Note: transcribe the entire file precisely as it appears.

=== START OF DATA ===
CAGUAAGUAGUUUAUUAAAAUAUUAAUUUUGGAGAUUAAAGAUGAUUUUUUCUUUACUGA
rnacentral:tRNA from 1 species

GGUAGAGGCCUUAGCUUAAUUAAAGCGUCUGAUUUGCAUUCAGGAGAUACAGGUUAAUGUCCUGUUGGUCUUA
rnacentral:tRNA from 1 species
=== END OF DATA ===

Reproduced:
CAGUAAGUAGUUUAUUAAAAUAUUAAUUUUGGAGAUUAAAGAUGAUUUUUUCUUUACUGA
rnacentral:tRNA from 1 species

GGUAGAGGCCUUAGCUUAAUUAAAGCGUCUGAUUUGCAUUCAGGAGAUACAGGUUAAUGUCCUGUUGGUCUUA
rnacentral:tRNA from 1 species